【 New York Times 】   Post Date: 1/31/2012
Communist Official in Tibet Orders Increased Security
Author: ANDREW JACOBS
The top Communist Party official in the Lhasa, the Tibetan capital, has urged security personnel to step up surveillance of monasteries and along pivotal roads through the region during what he warned would be a period of heightened social turbulence.
BEIJING — The top Communist Party official in the Lhasa, the Tibetan capital, has urged security personnel to step up surveillance of monasteries and along pivotal roads through the region during what he warned would be a period of heightened social turbulence.
 
“Strive to realize the goal of ‘no big incidents, no medium incidents and not even a small incident,’ ” the official, Qi Zhala, said in comments published on Tuesday in the state-owned Tibet Daily.

The comments came at time of increasing tension in ethnically Tibetan parts of China, especially in the southwestern province of Sichuan.

 Last week at least three people were shot and killed by Chinese forces during protests in the remote, mountainous portions of the province bordering Tibet, according to Tibetan exile groups outside China. Scores of others were reportedly wounded, although the reports could not be verified because the entire region is off-limits to foreign journalists.

The government-run news media have vacillated between censoring accounts of the episodes and blaming the Western media for exaggerating the violence. Many of the injured, government-run news outlets said, were actually police officers wounded after Tibetan protesters attacked police stations or opened fire.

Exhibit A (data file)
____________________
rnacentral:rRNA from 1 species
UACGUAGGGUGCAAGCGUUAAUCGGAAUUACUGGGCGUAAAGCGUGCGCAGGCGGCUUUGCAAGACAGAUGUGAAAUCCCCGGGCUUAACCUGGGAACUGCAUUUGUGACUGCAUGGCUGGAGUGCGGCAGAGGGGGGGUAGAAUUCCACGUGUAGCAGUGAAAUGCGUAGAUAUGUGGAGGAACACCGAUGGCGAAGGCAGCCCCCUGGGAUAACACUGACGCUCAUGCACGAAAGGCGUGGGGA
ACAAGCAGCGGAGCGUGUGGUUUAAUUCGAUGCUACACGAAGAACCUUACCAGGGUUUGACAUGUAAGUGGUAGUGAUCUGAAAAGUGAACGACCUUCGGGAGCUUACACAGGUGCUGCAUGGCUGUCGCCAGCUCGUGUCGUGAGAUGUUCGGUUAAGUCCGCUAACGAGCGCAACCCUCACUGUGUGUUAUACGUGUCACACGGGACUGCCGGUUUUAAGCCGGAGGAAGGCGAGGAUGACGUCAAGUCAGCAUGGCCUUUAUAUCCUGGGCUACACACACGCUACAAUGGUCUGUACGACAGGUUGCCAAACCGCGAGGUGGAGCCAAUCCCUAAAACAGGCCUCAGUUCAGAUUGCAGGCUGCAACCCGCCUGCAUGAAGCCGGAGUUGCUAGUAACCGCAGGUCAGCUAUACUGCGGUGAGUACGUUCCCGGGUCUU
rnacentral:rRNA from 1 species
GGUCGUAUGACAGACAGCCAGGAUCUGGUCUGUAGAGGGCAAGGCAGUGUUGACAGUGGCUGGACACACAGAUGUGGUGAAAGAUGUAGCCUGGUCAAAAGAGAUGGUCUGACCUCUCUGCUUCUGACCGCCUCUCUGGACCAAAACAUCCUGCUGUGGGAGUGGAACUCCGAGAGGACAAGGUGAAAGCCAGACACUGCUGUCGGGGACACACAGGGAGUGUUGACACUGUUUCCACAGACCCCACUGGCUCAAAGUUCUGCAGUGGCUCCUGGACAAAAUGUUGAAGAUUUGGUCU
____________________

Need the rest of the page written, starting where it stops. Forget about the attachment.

The episodes, the most serious outburst of unrest since anti-Chinese rioting killed 18 people in Lhasa in 2008, follow a spate of self-immolations that have bedeviled the authorities. In recent months 11 people, most of them Buddhist monks and nuns, have died after setting themselves on fire.

Exile groups say the self-immolations, numbering at least 16 in the past year, are desperate acts of protest against Beijing’s heavy-handed policies; the Chinese government says they are orchestrated by the Dalai Lama, the exiled Tibetan leader, in an effort to gain international sympathy for his cause.

In his comments, Mr. Qi, the powerful Communist Party chief in Lhasa, urged the authorities who oversee China’s heavily Tibetan provinces to coordinate their efforts and to focus on monasteries and “key suspects” who are prone to fomenting trouble.

“We must strike hard at all the separatist, destructive and criminal activities of the Dalai clique,” he said, adding that religious and government leaders would be dismissed if they failed to maintain stability.

Mia Li contributed research.
 
Key Words: Tibet, Human Rights
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